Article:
Mushroom ID?

Moselio Schaechter mschaech at sunstroke.sdsu.edu
Wed Sep 15 18:31:58 EST 1999


At 8:02 AM -0700 9/13/99, Fungi01 at aol.com wrote:
>today we were out hunting in a hickory woods in Pennsylvania and found
>collybia subnuda growing on small twigs in moss.  We found a different
>mushroom about 6 inches away from a dead hickory stump comming out of the
>soil that from the top appeared to be a bolete but when my wife pulled it up
>we discovered we had something very unusual.  The cap is circular and
>brownish colored and has a wavy margin.  The cream colored pores decend
>partway down the stalk.  The stalk is beige colored and about 1 inch wide and
>1 1/4 inch tall, it is central.  It has a root that is dark brown colored it
>is about 1/2 inch wide and an inch long but was much longer because it broke
>off when pulling it up, even where it broke it is still 1/2 inch wide.  As
>for its really unusual feature the cap also has triangular raised projections
>that are about 1/4 inch tall and wide!!!  There are about a dozen of them.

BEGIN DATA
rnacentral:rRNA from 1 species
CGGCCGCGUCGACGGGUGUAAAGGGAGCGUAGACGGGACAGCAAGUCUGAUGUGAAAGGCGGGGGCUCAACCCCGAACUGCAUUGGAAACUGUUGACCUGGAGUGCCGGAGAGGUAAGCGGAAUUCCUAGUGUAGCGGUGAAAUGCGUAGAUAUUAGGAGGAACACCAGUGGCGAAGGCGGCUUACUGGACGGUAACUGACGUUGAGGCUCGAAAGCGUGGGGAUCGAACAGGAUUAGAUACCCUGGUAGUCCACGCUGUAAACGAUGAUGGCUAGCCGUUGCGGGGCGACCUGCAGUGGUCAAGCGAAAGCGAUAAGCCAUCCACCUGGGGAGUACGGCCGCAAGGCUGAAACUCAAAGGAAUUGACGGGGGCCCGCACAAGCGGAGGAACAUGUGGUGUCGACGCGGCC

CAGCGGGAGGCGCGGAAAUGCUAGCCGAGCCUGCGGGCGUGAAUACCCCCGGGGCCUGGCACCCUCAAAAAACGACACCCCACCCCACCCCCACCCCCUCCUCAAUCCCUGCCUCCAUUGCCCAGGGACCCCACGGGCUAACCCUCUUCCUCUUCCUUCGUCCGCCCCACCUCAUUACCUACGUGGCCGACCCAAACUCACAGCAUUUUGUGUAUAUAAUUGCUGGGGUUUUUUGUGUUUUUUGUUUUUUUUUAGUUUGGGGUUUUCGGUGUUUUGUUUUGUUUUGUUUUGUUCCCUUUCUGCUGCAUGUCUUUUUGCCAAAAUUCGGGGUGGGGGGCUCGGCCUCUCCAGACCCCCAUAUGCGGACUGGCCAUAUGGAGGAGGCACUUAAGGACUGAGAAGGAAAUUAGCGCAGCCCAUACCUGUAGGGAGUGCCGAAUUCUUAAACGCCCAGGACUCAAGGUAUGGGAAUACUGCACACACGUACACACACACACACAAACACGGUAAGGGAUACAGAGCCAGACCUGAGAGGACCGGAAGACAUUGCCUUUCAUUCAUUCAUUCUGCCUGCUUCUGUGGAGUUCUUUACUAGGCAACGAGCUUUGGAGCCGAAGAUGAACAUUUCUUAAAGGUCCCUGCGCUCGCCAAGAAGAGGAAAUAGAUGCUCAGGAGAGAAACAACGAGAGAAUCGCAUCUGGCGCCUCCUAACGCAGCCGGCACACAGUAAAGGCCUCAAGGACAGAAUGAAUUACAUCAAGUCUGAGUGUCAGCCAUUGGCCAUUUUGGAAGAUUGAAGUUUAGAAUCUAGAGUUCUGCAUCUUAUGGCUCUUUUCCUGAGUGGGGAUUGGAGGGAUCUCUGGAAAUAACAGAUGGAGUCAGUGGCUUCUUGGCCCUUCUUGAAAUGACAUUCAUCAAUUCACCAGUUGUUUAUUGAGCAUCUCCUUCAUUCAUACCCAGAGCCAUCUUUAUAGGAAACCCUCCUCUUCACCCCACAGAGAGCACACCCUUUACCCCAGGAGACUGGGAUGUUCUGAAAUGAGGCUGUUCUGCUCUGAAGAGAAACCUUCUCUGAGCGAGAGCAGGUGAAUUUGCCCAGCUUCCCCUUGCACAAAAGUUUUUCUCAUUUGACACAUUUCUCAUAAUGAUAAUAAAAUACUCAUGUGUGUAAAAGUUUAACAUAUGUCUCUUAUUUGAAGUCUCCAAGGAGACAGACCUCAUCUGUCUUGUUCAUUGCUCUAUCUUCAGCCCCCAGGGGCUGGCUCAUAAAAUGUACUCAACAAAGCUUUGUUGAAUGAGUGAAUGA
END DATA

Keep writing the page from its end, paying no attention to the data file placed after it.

>So far i looked in the 4 vol. Fungi of switzerland, Alan Bessette's fungi of
>north eastern North America, George Barron's Book, and The Lincoff's Audubon
>guide but i cant even find a genius not to mention a species.  This is a real
>puzzle since it has such distinctive features.  Have any ideas?
>
>                  John

I cling at straws.  Obviously you would have found it in the books you
consulted, but could you have a Strobilomyces?  Some of the features fit,
maybe the warts, the wavy margin (if by that you mean veil remnants).
Most of the features don't fit, however, so this is probably off the mark.
The color of the cap does not sound like that of Strobilomyces, either
floccopus or confusus,  although Smith & Thiers (Boletes of Mich.) say the
color in the  former goes from black to "mummy-brown", whatever that is.
In both species, the pores change from white to gray with age, not cream
colored.   The pores are not decurrent (but adnate-subdecurrent in small
specimens [S&T]).  Nor is the stipe beige.   No "root."  Is there hope  for
the warts, which in S. confusus are:  "very acute erect spines which are
denser towards the center..." (S&T)?

In conclusion, you have made an interesting find.  Let us know what you
find out.

Elio Schaechter




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